Crying Shame

Some Alisa Craig heirloom onions I grew from the garden.
Photo By Erin Nelson

Have you ever grown onions and wondered why they don’t look like the ones in the grocery store? Perhaps they were small or didn’t store well. Maybe they all went to seed and ended up with pithy or hard centers. These are all things that can be fixed with proper culture and growing techniques! 

Choose the right onion for this area!
Onions come in many different sizes, shapes and colors, but successful growing can depend on the variety you purchase. Onions are light sensitive, and because of this, they are divided up into three basic categories: Long Day, Short Day, and Day Neutral.

  • Long Day onions are best for the Northern States (or 37-47 degrees latitude) and, therefore, the best for the Deer Park, Washington area. Long Day onions require fourteen to fifteen hours of daylight to produce nice fat bulbs. Anything less than that, and the bulbs stop growing. This is also why starting your onions early in the year is essential. These onions can produce some of the largest bulbs and are the best for storage. We are also blessed because our soil is low in sulfur, growing sweeter onions such as Walla Walla, Alisa Craig, and Wethersfield Red. 
  • The Southern States (25-35 degrees latitude) have summers that are too hot to grow onions. So those folks grow onions in the winter and need onion varieties that will bulb in the shorter daylight hours. Hence Short Day onions they produce in only 11 hours of light. You would think that Short Day onions would do well here in Washington State, but these onions want less light. More than 11 hours of sunlight results in small, stunted onions. 
  • Day Neutral onions can produce a bulb with as little as 12 hours and as much as 14 hours of daylight. These onions can produce some of the sweetest varieties, but their high sugar content makes them poor contenders for extended storage. Candy and Red Candy Apple top the list for Day Neutral Onions. 

 

Planting your Onions
Onions are bi-annual or produce flowers and seeds in the second year. I do not recommend dried onion sets. These were grown the previous year and want to flower before making a nice large bulb. Consider growing your onions by seed instead. 

Take advantage of the lengthening daylight hours by planting the seeds early. I like to start mine indoors under lights in late January, but direct planting in the ground in early April is fine too. Plant by sprinkling seeds over moist potting soil. Onion babies like friends, so having a few in each pot is good. Cover the seeds with only a ¼ inch of potting soil and gently water them. Using grow lights directly over the soil prevents stretched and weakened growth.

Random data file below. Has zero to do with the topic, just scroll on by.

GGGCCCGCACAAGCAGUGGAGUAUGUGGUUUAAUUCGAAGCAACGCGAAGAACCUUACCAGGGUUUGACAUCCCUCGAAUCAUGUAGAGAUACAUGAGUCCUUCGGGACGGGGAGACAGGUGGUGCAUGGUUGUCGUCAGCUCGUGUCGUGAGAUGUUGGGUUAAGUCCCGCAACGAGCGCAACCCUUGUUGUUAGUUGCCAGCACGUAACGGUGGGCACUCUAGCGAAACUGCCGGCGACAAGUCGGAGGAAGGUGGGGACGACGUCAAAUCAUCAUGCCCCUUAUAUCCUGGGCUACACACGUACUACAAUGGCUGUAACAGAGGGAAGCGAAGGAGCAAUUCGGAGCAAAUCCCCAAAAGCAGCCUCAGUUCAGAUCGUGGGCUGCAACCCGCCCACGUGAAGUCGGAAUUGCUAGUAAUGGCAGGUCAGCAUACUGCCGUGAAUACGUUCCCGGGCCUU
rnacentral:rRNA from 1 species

It’s time to plant your seedlings in the ground when the soil is workable and not a mucky mess anymore. Generally, around the same time, dandelions start to grow. Pull the seedlings apart and plant them so each bulb will have room to grow to its full size, about eight inches apart. If space is an issue for you, plant them closer together, then consume every other bulb as they start to grow. 

Water well in the morning so water evaporates by night. Cold and wet nights can cause onions to rot with bacterial and fungal infections that may not be noticeable until they mush in storage. Composting in the spring or even the previous fall is the best way to fertilize your onions. Organic fertilizer can be used too, but use these in early spring so the vegetable can best utilize the nutrients. Keep the weeds down with leave mulch. Once bulbs are 3 inches across, encourage even more significant bulb growth by using a method called ‘spooning’ to spoon or scoop soil away from the sides of the bulb. Lastly, continuously rotate your onion crop with a non-tuberous vegetable every two to three years. This will help keep the soil at its healthiest and therefore less disease to the plants. 

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